Months later, Israelis Daniel Ramot and Oren Shoval, PhDs who previously led engineering projects for the Israeli Air Force, announced Via’s $100 million round. Walk along the arterials of Tel Aviv, and you’ll see 10-person shuttles that traverse north to south, charging $1-2 per person for the service. Now you know where the idea for Via came from.

More impressive still is VW’s $300 million investment in Shahar Weiser’s Gett, an Uber rival generating $500 million in revenue across 60 cities. There are 12 companies left standing in the global ridesharing market, and nearly half were built in a country of 8 million people and the size of New Jersey.

We sit at the crux of another quantum mobility leap powered by Israeli technology.

Israelis, known for their deep technological capabilities, are building much more than ridesharing apps. Look no further than Harman’s 2013 acquisition of iOnRoad, an augmented reality application for the car’s dashboard, its $200 million acquisition of Red Bend in 2015 for its over-the-air updating technology and services for the connected car and its 2016 $70 million acquisition of TowerSec, an Israeli automotive cybersecurity company specializing in network protection for connected vehicles.

Several months ago, TechCrunch rolled up the curtain on Otto, a startup of 41 employees led by 510 Systems’ founder Anthony Levandowski, who built the technology underlying Google’s self-driving car, and Lior Ron, former Google Maps lead and CTO of the Israeli military’s largest software intelligence unit. The company is developing technology that will enable 18-wheelers to drive autonomously. From anti-car hacking company Argus, which raised $26 million in September, to the stealthy Otonomo creating an agnostic API for the connected car, Israeli innovation is surfacing across all layers of the global automotive supply chain.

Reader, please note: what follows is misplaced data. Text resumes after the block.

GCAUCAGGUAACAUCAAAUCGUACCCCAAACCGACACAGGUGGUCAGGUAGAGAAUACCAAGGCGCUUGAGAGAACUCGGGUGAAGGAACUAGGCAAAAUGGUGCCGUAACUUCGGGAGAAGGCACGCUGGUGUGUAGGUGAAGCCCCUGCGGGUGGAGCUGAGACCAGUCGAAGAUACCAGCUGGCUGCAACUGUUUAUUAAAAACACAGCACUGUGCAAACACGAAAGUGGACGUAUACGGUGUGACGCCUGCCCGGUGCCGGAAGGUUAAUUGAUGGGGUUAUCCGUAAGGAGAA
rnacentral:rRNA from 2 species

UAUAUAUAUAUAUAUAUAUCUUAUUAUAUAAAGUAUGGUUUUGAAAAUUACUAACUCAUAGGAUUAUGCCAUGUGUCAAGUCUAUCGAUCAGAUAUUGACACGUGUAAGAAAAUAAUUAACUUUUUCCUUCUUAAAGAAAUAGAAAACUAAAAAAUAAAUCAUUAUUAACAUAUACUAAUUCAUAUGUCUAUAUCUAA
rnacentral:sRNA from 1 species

Yet Israeli disruption has crept into the post-supply chain, too. Take Vroom, for example, which was led by Allon Bloch, the former co-CEO of Wix and venture partner at Greylock Israel. Vroom bills itself as the of used cars and raised a $95 million Series C in December to buy Texas Auto Direct, the U.S.’s largest independent used-car dealership. This comes on the heels of June’s $54 million Series B from General Catalyst and T. Rowe Price and $300 million in projected 2016 revenue. Vroom’s biggest competitor, Beepi, raised $70 million in August at a $500 million valuation.

Not surprisingly, Beepi’s co-founder and president, Owen Savir, was the former founder and CTO of iContact, the largest education technology company in Israel. Then there’s Engie, the stealth connected device startup backed by Waze co-founder Uri Levine, that monitors the health of your car, diagnoses problems and collects quotes from nearby mechanics. The technology powering these global marketplaces was “Made in Israel.”

Call it the shared economy, the on-demand economy or the Internet of Things. Call it the ridesharing era, the connected car revolution or the market network phenomenon. Nomenclature aside, the way humans get themselves and their things from Point A to Point B is fundamentally changing yet again.

Moovit, Waze, Juno, Via and Gett are crowdsourcing urban travel; Mobileye, iOnRoad, Nexar, TowerSec and Argus are enhancing safety and security; and Vroom, Beepi, and Engie are building the automotive marketplaces of the future. Today, captivated behind our smartphones and laptops, we sit at the crux of another quantum mobility leap powered by Israeli technology.